First of all, if you are singing a French art song, it would be very wise to first consult The Interpretation of French Song by Pierre Bernac. No voice teacher should be without it in their bookshelf, and it should be one of the first purchases a singing student makes. This book provides full song texts in French, with line by line translations in English and notes on liaison. The most valuable aspect of the book, however, is Bernac’s suggestions for approaching each song. Consider it an inexpensive coaching by a master of the art.

Also worth its weight in gold for the student and teacher is the two volume set “Word-By-Word Translations of Songs and Arias.” Part I covers German and French works from the standard repertoire. Part II covers Italian. These volumes are somewhat expensive, but they are worth having on hand!

I have quite a few other books to which I regularly refer, but I truly regard these I just listed as indispensable!

Fauré – Après un Rêve

Song Information

Title: Après un Rêve (from Trois mélodies, Op 7)

Music: Gabriel Fauré (1845-1924)

Text: Romain Bussine (1830-1899)

Sheet Music

Free at Art Song Central (PDF files):

Elsewhere on the Internet:

  • Transcribed at the Werner Icking Music Archive
    • Key: PDF available in C minor (original) and D minor (high)
    • Range: C4 – F5 (original), D4 – G5 (high)
    • Finale 2005 source file also available to edit or transpose.
  • Transcribed at the Mutopia Project
    • Key: C minor (original)
    • Range: C4 – F5
    • Lilypond source file also available to edit or transpose.

Audio Files



Song Text

Dans un sommeil que charmait ton image
Je rêvais le bonheur, ardent mirage,
Tes yeux étaient plus doux, ta voix pure et sonore,
Tu rayonnais comme un ciel éclairé par l’aurore;
Tu m’appelais et je quittais la terre
Pour m’enfuir avec toi vers la lumière,
Les cieux pour nous entr’ouvraient leurs nues,
Splendeurs inconnues, lueurs divines entrevues,
Hélas! Hélas! triste réveil des songes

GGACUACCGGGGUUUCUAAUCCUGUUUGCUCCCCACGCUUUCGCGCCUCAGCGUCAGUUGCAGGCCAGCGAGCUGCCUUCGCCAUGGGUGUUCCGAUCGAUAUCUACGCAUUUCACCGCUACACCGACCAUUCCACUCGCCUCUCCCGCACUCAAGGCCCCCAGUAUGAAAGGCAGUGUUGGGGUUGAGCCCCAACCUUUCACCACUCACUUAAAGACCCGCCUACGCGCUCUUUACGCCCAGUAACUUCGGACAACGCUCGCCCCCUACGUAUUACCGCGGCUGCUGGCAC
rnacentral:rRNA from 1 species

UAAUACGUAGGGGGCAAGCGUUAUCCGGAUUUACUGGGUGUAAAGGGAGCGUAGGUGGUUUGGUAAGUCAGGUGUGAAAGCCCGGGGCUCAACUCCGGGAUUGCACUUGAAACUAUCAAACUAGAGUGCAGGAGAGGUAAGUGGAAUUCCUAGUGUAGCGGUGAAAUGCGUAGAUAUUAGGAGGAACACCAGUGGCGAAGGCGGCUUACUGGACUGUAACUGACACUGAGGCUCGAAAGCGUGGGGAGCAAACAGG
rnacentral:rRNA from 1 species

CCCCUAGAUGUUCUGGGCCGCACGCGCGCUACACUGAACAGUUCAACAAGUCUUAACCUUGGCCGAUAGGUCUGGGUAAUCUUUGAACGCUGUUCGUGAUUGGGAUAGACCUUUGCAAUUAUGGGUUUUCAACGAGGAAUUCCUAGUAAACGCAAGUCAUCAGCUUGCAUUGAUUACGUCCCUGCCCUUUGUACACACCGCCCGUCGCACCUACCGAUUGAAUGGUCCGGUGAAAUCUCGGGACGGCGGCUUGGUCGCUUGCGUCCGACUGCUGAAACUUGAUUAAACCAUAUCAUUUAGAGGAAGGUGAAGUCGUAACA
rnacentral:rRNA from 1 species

Je t’appelle, ô nuit, rends moi tes mensonges,
Reviens, reviens radieuse,
Reviens ô nuit mystérieuse!


Schubert – An Sylvia

Song Information

Title: An Sylvia (D. 891)

English Title: Who is Sylvia?

Composer: Franz Schubert (1797-1828)

Author (German Text): Eduard von Bauernfeld (1802-1890)

Author (Original English Text): William Shakespeare (1564-1616)

Sheet Music

Free at Art Song Central (PDF files):

Elsewhere on the Internet:

  • Transcribed in English and German versions at Mutopia
    • Key: A Major
    • Range: E4 – F♯5
    • Lilypond source code available to edit or transpose.

Audio Files



Song Text

In German:

Was ist Silvia, saget an,
Daß sie die weite Flur preist?
Schön und zart seh ich sie nahn,
Auf Himmelsgunst und Spur weist,
Daß ihr alles untertan.

Ist sie schön und gut dazu?
Reiz labt wie milde Kindheit;
Ihrem Aug’ eilt Amor zu,
Dort heilt er seine Blindheit
Und verweilt in süßer Ruh.

Darum Silvia, tön, o Sang,
Der holden Silvia Ehren;
Jeden Reiz besiegt sie lang,
Den Erde kann gewähren:
Kränze ihr und Saitenklang!

In English: (The original language of the text, which also works with Schubert’s setting.)

Who is Silvia? What is she,
That all our swains commend her?
Holy, fair, and wise is she;
The heaven such grace did lend her,
That she might admirèd be.

Is she kind as she is fair?
For beauty lives with kindness.
Love doth to her eyes repair,
To help him of his blindness,
And, being helped, inhabits there.

Then to Silvia let us sing,
That Silvia is excelling;
She excels each mortal thing
Upon the dull earth dwelling:
To her let us garlands bring.


Jacobs-Bond – Half Minute Songs

Song Information

Title: Half Minute Songs (I suppose it’s technically a song cycle.)

Composer: Carrie Jacobs-Bond (1862-1946)

Author: Carrie Jacobs-Bond (1862-1946)

Sheet Music

Free at Art Song Central (PDF files):

  • Half Minute Songs
    • Range: C4 – F5
    • For some reason, the order of songs in my (original) copy differs from others I’ve seen referenced. I suggest singing them in whatever order suits you.

Elsewhere on the Internet:

  • Scorch version at Parlorsongs.com (not printable)
    • Good option to hear the songs…

Audio Files



Song Text

1. Making the Best of It.
What you can’t help,
What you can’t help,
What you can’t help,

2. First Ask Yourself.
Before you have said it about them,
Ask yourself if you’d like them to know you said it.

3. To Understand.
To understand a sorrow,
You must have one all your own.

4. How to Find Success.
The man who finds success looks sometimes when he’s tired,
When he’s tired, when he’s tired,
Looks sometimes when he’s tired.

5. The Pleasure of Giving
I’d rather say “You’re welcome” once, than “Thank you” a thousand times.

6. Answer the First Rap.
Opportunity may knock often, but it’s better to answer the first rap!

7. A Good Exercise.
With evil things you’ll always find
It’s best to be deaf, dumb and blind.

8. A Present from Yourself.
A friend is a present you give yourself.

9. Now and Then.
The “lucky” fellow gets up at five (A.M.),
And gen’rally works till ten (P.M.);
But the other fellow not quite so “lucky,”
Works hard–just now and then!

10. When They Say the Unkind Things.
Ain’t it gay that what “they say”
Can’t hurt you unless it’s true?

11. Keep Awake.
Success never comes to the sleeping.

12. Doan’ Yo’ Lis’n.
No mattah w’at dey said,
Keep a-walkin’ straight ahaid,
W’y dey’ll praise yo’ when yo’ daid,
But doan’ yo’ lis’n.


Refining the mission

Before I start putting up lots of songs, I want to make sure I have the format set for song posts. I’m still making some refinements to the first one before I continue.